30 June 2015

New evidence on (lack of) external validity

"Site selection bias" can occur when the probability that a program is adopted or evaluated is correlated with its impacts. I test for site selection bias in the context of the Opower energy conservation programs, using 111 randomized control trials involving 8.6 million households across the United States. Predictions based on rich microdata from the first 10 replications substantially overstate efficacy in the next 101 sites. Several mechanisms caused this positive selection. For example, utilities in more environmentalist areas are more likely to adopt the program, and their customers are more responsive to the treatment. Also, because utilities initially target treatment at higher-usage consumer subpopulations, efficacy drops as the program is later expanded. The results illustrate how program evaluations can still give systematically biased out-of-sample predictions, even after many replications.

H. Allcott in the QJE

25 June 2015

Celebrating more Brits

The population of the UK has increased by 500,000 in the last year.

Unlike what you may read elsewhere, this is great news.

- British people are great - having more of us is better
- London is the best part of Britain, and not coincidentally the most populous and densely populated part
- Population growth is concentrated in cities
- Larger cities support economies of scale, more specialisation and diversification, enabling the clusters of activity and agglomeration that drive innovation
- A larger population means a greater supply of innovators
- A larger population means a greater demand for innovators, and a bigger market for producers
- A larger population means more people to share the burden of fixed costs, including national debt

Of course there are costs to crowding, and we need to plan for more infrastructure provision (not least building more housing), but that’s just part of life and really shouldn’t be beyond our wit.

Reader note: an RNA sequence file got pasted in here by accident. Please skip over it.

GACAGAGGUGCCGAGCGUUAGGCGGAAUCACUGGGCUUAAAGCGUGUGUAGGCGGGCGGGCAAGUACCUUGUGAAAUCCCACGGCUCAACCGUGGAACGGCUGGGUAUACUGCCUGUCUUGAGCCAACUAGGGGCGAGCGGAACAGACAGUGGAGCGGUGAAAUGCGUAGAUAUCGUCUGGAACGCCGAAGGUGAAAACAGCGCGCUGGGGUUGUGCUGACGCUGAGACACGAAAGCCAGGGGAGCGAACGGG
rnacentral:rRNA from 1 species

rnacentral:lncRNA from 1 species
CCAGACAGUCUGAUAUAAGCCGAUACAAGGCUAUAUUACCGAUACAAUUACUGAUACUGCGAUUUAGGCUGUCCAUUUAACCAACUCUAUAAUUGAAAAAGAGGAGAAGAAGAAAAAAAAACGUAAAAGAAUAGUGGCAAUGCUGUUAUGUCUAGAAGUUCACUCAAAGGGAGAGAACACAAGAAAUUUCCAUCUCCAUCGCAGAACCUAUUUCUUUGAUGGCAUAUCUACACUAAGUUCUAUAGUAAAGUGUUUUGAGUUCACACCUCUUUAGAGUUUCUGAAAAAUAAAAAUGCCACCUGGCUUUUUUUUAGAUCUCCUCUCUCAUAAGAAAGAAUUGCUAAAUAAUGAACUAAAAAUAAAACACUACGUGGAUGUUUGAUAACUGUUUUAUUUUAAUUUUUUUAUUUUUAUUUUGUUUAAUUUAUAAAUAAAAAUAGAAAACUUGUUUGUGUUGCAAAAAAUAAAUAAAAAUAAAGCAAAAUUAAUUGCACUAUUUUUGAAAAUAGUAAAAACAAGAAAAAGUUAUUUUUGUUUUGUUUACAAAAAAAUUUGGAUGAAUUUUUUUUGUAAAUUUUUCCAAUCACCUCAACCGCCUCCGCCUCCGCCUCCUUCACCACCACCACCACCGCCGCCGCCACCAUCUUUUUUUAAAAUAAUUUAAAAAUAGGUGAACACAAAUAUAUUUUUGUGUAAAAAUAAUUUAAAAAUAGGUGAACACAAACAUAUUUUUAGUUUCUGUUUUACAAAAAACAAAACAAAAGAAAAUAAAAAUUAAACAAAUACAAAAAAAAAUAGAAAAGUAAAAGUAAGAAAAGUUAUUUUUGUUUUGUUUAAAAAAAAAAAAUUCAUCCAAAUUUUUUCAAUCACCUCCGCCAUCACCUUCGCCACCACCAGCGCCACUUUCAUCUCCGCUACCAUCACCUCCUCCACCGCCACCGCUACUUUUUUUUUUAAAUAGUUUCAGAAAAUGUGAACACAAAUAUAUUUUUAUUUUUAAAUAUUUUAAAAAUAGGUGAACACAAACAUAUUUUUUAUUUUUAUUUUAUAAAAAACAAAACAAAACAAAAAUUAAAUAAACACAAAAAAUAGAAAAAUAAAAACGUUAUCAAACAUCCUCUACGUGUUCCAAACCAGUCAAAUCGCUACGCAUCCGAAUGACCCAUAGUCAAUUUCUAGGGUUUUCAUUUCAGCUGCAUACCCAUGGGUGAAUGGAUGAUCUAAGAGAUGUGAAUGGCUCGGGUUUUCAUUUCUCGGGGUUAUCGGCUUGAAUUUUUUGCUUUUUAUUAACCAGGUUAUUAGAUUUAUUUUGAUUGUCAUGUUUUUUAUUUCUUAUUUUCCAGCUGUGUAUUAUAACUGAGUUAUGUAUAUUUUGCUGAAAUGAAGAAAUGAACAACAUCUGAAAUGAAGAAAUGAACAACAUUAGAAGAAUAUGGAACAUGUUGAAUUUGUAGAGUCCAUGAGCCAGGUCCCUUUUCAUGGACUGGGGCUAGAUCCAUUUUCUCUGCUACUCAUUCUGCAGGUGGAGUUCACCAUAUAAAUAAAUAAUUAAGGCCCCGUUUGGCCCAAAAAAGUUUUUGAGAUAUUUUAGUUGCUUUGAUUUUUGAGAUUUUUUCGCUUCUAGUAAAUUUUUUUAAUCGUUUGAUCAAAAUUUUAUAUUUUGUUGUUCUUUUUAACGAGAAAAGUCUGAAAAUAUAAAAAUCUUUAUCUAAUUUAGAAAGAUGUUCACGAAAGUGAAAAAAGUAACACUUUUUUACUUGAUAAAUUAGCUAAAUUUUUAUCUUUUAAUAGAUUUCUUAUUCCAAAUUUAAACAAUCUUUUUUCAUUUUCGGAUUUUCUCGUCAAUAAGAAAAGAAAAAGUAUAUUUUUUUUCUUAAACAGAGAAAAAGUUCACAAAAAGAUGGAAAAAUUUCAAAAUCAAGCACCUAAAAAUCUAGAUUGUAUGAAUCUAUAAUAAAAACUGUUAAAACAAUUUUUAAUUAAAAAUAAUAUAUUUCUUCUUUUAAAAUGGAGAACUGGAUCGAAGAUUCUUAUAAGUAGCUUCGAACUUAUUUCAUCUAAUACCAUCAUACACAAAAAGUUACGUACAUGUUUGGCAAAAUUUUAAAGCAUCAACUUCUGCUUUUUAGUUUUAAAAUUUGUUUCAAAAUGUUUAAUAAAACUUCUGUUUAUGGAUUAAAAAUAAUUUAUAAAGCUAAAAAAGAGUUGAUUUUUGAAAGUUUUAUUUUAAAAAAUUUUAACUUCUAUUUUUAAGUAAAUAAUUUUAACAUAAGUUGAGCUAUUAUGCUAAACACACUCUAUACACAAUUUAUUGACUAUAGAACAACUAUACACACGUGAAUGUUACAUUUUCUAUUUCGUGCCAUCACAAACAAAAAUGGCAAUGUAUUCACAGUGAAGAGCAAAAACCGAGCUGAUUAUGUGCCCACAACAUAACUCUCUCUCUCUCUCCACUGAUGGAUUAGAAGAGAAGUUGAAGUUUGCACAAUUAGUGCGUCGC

16 June 2015

Global Organ Trade

Here’s a great idea from Al Roth, the 2012 Economics Nobel Prize winner.

Al got his prize for developing his theoretical matching ideas into a computerized kidney exchange - so if you want to donate a kidney to a family member but you aren’t the right match, you can find another pair of people in the same situation from a different city and criss-cross the pairing, so both kidney transplants can go ahead.

In his new book (reviewed here by Alex Tabarrok), Al proposes extending the kidney exchange internationally.

"Mr. Roth, however, wants to go further. The larger the database, the more lifesaving exchanges can be found. So why not open U.S. transplants to the world? Imagine that A and A´ are Nigerian while B and B´ are American. Nigeria has virtually no transplant surgery or dialysis available, so in Nigeria patient A’ will die for certain. But if we offered a free transplant to him, and received a kidney for an American patient in return, two lives would be saved.

The plan sounds noble but expensive. Yet remember, Mr. Roth says, “removing an American patient from dialysis saves Medicare a quarter of a million dollars. That’s more than enough to finance two kidney transplants.” So offering a free transplant to the Nigerian patient can save money and lives. It’s hard to think of a better example of gains from trade (or a better PR coup for the U.S. on the world stage). Better matching with computerized markets is saving lives, but more than 100,000 people are still waiting for kidneys in the United States alone."

05 June 2015

Graduate Jobs in South Sudan

Looking for your first job in international development? Charlie Goldsmith is hiring in South Sudan;